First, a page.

Close your eyes and imagine a place where bees might live. Did you think of a waxy hive hanging from a branch or trays of honeycombs in a wooden box? Depending on where you grew up and how much contact you have had with wild bees, you might even imagine a bee garden or just a hollow stump. There is another popular spot for bees to live and it’s in bee houses.

If you’re already a bee lover, you might know that just 10% of bees are social bees, like honey bees and bumble bees. This means that most bees do not live in hives, but rather various individual nesting sites. Carpenter bees choose homes in wood, while mason bees find homes in hollow reeds or plant stems. Man-made structures like bee houses can provide ample nesting space for solitary bees meaning more thriving bee populations and a pollinator-friendly garden.

Why Build a DIY Bee House

A thriving world means a thriving bee population, and vice versa. When our ecosystem is healthy and free of pollutants, invasive plants and animal species, parasites, and pathogens, bees are able to reproduce and flourish without problem.The world’s bee population contributes to prosperous wild flora and food crop production. 

More Pollinators Mean More Blooms

The number one reason why bees are so key to a thriving ecosystem is because they are the top pollinator. Much of the food we eat including melons, broccoli, tree fruits, and berries need to be pollinated in order to be produced. So without bees, there would be a lot of food that would disappear for good. 

Bees are just as important for your own garden to thrive as well. If you’re growing flowering plants or trees, you’ll need some type of pollinator if you want them to release their bright, crepey blooms. 

Save the Bees

With bee populations rapidly declining, it’s becoming glaringly obvious that we don’t just need bees, but bees also need us. Besides advocating against climate change and calling for a reduction in pesticides, creating a safe environment for bees will help increase their numbers.

Bee housing provides a space for bees to reproduce and rest, while keeping them safe from predators. 

Build Your Own DIY Bee House

If you’re tempted by a garden filled with blossoming red roses, and a world with a prospering ecosystem, it’s time to get to building a bee house for your garden. Even if you don’t have any carpentry skills, constructing a house for solitary bees isn’t too difficult.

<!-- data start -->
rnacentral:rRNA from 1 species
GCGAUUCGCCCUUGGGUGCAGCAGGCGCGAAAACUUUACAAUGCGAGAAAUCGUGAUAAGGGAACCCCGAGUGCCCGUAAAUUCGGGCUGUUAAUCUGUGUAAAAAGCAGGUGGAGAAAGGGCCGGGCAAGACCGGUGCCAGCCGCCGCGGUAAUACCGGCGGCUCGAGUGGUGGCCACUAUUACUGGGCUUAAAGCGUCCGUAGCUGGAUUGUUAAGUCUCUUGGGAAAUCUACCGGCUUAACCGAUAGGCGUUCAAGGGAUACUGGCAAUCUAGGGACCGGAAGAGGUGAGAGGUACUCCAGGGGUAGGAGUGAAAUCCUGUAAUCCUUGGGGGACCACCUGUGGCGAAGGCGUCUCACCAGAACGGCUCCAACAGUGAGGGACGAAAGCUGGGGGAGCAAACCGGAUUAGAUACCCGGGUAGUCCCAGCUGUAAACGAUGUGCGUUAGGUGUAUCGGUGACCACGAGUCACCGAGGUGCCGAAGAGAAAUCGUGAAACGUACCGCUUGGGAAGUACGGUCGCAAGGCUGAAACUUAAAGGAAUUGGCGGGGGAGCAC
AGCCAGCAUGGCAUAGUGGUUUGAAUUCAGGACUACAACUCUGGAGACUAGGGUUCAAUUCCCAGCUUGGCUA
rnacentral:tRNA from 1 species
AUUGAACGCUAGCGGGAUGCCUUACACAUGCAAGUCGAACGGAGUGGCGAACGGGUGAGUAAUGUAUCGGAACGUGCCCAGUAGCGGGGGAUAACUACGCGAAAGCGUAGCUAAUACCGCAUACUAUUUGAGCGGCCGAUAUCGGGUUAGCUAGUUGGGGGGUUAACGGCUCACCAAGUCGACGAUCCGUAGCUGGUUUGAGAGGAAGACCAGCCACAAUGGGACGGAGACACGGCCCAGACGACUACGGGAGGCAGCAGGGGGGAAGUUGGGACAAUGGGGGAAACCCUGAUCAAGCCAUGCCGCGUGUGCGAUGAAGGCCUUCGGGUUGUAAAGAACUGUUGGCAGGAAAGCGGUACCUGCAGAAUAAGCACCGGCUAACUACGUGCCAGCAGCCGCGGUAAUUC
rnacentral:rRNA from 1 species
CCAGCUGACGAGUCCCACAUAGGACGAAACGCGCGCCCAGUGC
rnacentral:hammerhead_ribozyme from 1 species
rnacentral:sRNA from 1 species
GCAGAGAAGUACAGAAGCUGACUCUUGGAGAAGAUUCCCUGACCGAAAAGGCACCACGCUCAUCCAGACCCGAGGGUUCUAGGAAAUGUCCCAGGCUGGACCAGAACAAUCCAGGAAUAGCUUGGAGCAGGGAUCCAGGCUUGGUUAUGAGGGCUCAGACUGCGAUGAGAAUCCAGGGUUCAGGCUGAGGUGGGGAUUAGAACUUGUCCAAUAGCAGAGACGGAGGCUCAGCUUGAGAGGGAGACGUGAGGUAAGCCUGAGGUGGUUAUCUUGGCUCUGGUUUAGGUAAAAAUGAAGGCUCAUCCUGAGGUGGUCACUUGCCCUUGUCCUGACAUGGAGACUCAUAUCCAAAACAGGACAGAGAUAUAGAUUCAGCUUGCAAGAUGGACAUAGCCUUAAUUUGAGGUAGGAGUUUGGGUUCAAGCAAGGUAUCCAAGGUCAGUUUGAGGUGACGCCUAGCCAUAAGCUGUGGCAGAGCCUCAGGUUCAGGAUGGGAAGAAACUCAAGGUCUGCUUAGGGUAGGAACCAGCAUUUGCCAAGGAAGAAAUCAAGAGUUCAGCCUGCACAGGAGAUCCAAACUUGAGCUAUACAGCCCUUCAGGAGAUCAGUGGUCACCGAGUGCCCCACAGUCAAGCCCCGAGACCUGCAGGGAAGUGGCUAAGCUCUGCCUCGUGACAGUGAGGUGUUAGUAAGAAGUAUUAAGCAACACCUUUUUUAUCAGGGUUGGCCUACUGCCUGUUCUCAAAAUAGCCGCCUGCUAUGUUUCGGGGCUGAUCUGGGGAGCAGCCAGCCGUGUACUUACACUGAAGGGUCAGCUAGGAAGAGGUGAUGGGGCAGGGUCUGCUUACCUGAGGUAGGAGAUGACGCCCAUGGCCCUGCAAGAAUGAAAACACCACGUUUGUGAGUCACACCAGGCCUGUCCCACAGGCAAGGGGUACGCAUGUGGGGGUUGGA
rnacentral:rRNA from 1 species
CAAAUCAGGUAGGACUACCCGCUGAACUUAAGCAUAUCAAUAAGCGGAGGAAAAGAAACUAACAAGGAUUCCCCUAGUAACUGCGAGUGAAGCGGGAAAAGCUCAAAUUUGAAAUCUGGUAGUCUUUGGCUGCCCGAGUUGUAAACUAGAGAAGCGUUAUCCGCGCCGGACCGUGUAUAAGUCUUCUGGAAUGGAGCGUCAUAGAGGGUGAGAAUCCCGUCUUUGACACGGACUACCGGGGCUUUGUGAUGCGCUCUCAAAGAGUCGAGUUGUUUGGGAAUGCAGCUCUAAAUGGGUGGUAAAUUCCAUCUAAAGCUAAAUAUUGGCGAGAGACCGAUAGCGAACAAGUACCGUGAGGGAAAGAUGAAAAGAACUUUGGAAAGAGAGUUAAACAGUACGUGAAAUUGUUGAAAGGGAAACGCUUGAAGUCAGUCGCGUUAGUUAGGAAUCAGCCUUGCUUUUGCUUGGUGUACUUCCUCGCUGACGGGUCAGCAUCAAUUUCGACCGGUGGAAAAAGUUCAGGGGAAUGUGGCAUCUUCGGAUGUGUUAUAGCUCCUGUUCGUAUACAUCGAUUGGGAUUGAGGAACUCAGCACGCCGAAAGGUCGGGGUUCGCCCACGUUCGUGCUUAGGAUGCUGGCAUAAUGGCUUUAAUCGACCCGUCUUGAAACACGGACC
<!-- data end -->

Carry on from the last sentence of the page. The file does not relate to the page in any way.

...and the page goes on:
Start Small

A wooden bee house is filled with reeds and logs of different sizes. The logs have a variety of different hole sizes drilled into them. 
Photo by Eva Bronzini on Pexels 
A two story bee house is a great size for most gardens.

As with any strong final product, you have to start off with a solid foundation. When learning how to make a bee house, you’ll want to start small. Too big of a bee house can create competition and other issues among different bees. Plus, by keeping too many bees in one space, it’ll make it easy for predators to wipe out a lot of your flying friends at once.

For the simplest design, you can construct a cube, leaving one of the sides open. You can also search your house or a thrift store for a wooden box, which can also be a top-notch foundation for your bee house. It’s also very important that your bee house has some sort of overhang. If it doesn’t, it will get wet and cause your larvae to suffer as well as invite mold and mite growth. 

Choose a Quality Spot

Bees need the bright rays of the sun in order to warm up and get their day started. As cold blooded creatures, they will not thrive in the shade. Orient your bee house so that it faces south or south east. If you live in a very hot climate, you can try to find a spot that will be in the shade during the afternoon heat. 

You’ll also want to choose a spot near those blooming bushes and trees. Mason bees only fly about 300 feet to look for nectar so you’ll want to choose a location that isn’t further than that. 

Secure It Up High

It’s possible you’ve already seen a bee house hanging from a string, but unfortunately this is not conducive to a healthy home. Bees are notoriously bad at landing, which means they can struggle to get themselves into the house on a windy day. The wind can also knock growing bees off of the food they’re eating. Plus, securing your house to a pole, tree or shed will keep it away from small animals. 

Avoid Problematic Materials

A wooden bee house is filled with a variety of different sized wooden reeds.
Photo by Meg G on Unsplash